Managing Life When Every Day Can Be Different

This morning, G-J, who cares for her husband, Steve, joined me for Table Talk on Your Caregiving Journey. You can listen to our show via the player at the bottom of the post.

We intended to talk about G-J’s plan for her summer and to take a look back at the past year for her. As we began to speak about her plans for the summer, we moved into another discussion: Managing life when a illness or diagnosis can make every day different.

G-J spoke about the great day Steve had on Monday. And, then he had a really hard day yesterday. The good days can trick because they seem to indicate all is okay. The bad days can upset because they’re the reality check that hits the heart.

G-J talked about the most difficult impact of his diagnosis of mild cognitive impairment (MCI): Knowing he can’t return to a job he absolutely loved. When he asks about returning to work, G-J finds herself in the position of being the bearer of bad news.

Because every day can be different, G-J plans options for their day so that they do when Steve feels up to it. If he’s having a hard day, they can adjust to accommodate what he needs.

So… I wonder: How do you manage life when every day can be different because of your caree’s illness? Please share your thoughts and insights in our comments section, below. One of our commentors will receive an autographed copy of Good Morning! Sunny Reflections to Start Your Day. (And, congrats to Debbie, who won an autographed copy of Good Morning for sharing what it’s like for her with family.)

(And, Happy Birthday to Bette!)


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About Denise Brown

I began working with family caregivers in 1990 and launched in 1996 to help and support them. Through my blog, I share words of comfort and offer coping strategies and tips. I also write opinion pieces about recent research, community programs and media coverage of caregiving issues. I've written several caregiving books, including "The Caregiving Years, Six Stages to a Meaningful Journey," "Take Comfort, Reflections of Hope for Caregivers" and "After Caregiving Ends, A Guide to Beginning Again." You can purchase my books and schedule a coaching call with me in our store.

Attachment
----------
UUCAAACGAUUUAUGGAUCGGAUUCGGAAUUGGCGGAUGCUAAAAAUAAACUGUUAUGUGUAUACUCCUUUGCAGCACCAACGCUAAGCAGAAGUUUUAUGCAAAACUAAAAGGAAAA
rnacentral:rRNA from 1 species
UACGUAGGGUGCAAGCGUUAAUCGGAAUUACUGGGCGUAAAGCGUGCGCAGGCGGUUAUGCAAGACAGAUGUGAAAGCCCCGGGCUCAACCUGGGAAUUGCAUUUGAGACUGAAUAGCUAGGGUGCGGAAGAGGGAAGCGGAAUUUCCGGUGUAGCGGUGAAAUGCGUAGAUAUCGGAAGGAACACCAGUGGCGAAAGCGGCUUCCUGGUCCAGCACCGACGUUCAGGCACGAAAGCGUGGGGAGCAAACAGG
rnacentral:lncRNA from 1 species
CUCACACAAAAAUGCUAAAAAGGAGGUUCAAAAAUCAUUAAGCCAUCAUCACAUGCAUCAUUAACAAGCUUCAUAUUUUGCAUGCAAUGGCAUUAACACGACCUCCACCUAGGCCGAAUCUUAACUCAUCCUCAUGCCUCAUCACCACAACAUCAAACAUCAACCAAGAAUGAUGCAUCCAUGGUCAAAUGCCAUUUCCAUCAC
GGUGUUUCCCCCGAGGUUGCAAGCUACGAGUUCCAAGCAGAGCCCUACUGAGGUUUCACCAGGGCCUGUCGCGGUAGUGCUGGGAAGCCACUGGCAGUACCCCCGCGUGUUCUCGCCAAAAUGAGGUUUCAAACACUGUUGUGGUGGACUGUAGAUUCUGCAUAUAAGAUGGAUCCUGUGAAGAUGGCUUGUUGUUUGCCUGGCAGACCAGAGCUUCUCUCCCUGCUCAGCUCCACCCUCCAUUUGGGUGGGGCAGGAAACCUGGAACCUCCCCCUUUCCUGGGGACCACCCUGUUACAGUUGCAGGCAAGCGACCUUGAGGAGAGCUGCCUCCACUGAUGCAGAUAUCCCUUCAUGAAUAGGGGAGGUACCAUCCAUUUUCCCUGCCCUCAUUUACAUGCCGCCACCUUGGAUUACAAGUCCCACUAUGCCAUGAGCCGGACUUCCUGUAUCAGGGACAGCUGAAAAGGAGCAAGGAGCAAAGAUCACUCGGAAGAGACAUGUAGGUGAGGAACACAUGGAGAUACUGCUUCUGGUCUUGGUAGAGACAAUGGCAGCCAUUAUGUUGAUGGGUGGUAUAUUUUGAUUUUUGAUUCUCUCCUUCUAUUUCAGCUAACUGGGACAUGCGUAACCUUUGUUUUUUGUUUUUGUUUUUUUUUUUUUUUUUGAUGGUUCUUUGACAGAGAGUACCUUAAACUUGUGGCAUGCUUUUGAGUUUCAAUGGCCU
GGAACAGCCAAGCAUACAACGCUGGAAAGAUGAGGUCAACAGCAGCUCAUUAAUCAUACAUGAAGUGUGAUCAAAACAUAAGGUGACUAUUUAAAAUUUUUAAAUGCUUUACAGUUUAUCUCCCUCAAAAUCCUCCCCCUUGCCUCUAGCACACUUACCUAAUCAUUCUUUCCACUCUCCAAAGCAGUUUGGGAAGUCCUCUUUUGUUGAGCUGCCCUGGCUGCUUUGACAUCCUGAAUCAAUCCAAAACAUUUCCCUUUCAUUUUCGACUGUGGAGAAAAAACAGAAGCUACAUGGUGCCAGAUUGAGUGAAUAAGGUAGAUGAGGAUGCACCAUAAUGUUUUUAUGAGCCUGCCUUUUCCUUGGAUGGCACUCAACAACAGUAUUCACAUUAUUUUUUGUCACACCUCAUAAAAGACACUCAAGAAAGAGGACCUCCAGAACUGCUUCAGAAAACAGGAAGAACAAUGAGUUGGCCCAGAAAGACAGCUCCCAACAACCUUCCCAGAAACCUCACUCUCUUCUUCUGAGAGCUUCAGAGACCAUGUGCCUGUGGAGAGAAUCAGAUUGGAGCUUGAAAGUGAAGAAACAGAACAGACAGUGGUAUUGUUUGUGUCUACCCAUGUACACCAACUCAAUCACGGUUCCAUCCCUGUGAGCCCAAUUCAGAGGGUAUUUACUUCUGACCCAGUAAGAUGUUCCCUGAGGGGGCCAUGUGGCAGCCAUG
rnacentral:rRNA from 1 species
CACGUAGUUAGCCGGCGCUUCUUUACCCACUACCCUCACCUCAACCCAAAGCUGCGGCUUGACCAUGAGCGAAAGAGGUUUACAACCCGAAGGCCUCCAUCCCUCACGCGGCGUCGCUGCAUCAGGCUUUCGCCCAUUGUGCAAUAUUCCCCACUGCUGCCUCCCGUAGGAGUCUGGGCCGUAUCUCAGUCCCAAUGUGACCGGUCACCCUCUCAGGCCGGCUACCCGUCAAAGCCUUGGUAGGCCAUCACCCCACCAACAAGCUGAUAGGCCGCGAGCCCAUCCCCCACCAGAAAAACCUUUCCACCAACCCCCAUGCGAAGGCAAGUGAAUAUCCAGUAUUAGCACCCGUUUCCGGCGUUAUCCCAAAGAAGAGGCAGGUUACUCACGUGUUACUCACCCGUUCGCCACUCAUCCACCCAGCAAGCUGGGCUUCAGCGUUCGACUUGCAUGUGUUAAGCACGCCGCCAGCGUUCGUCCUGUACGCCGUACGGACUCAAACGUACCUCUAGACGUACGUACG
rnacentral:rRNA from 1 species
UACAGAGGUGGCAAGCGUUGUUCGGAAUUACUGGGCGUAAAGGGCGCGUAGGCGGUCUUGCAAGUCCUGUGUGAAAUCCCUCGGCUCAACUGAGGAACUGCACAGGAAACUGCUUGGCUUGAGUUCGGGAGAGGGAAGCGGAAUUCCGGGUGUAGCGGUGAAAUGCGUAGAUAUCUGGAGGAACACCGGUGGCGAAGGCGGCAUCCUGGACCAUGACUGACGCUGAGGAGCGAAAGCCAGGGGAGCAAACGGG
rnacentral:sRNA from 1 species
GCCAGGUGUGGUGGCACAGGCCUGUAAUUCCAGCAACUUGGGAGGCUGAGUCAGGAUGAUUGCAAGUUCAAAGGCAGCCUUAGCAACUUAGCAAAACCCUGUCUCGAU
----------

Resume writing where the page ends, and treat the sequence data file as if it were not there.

6 thoughts on “Managing Life When Every Day Can Be Different

  1. Trish

    I enjoyed the show this morning! It’s always great to associate the actual voice with the written voice. Loved hearing about Disneyland (since it is my favorite place in the whole world!) but it made me sad for G-J’s husband that he can no longer work at something he loves. Wishing you both a great day (hope you make it to the art show, G-J).

    p.s. Happy Birthday, Bette!

  2. Sharon

    How I remember and how true your statement sums it up, Denise.

    “The good days can trick because they seem to indicate all is okay. The bad days can upset because they’re the reality check that hits the heart.”

  3. Avatar of NatalieNatalie

    Wow this hits home! Just recently my husband had about three really good days in a row. I even jokingly told him to quit “acting” so normal. For a brief moment I was hopeful that perhaps this was a new trend. Unfortunately the next day he was horribly confused, disoriented, and couldn’t keep up with activity. I was so frustrated because the days before were so great. The ups and downs of cognitive disorders are so confusing both for the caregiver and caree. My husband verbalized that it frustrates him that one day he can do some things just fine and the next day has no clue how to accomplish a task. I often get so frustrated for how it affects me that I often forget that he is one living it personally and can’t escape it. I’ve learned/am learning to access what kind of day he is having and for me to make the adjustments. Otherwise the whole day is doomed if I expect him to adjust to me.

  4. Jane

    I can’t wait to listen to this (probably will have to be Wednesday). I know how this feels. I thought Nicole had been feeling pretty good and then today she was feeling really bad. Her lips were blue and I thought at one point she was going to pass out just from trying to make a couple of baskets from a standing position.

    It gives you a false sense of security and I hate, hate, hate it.



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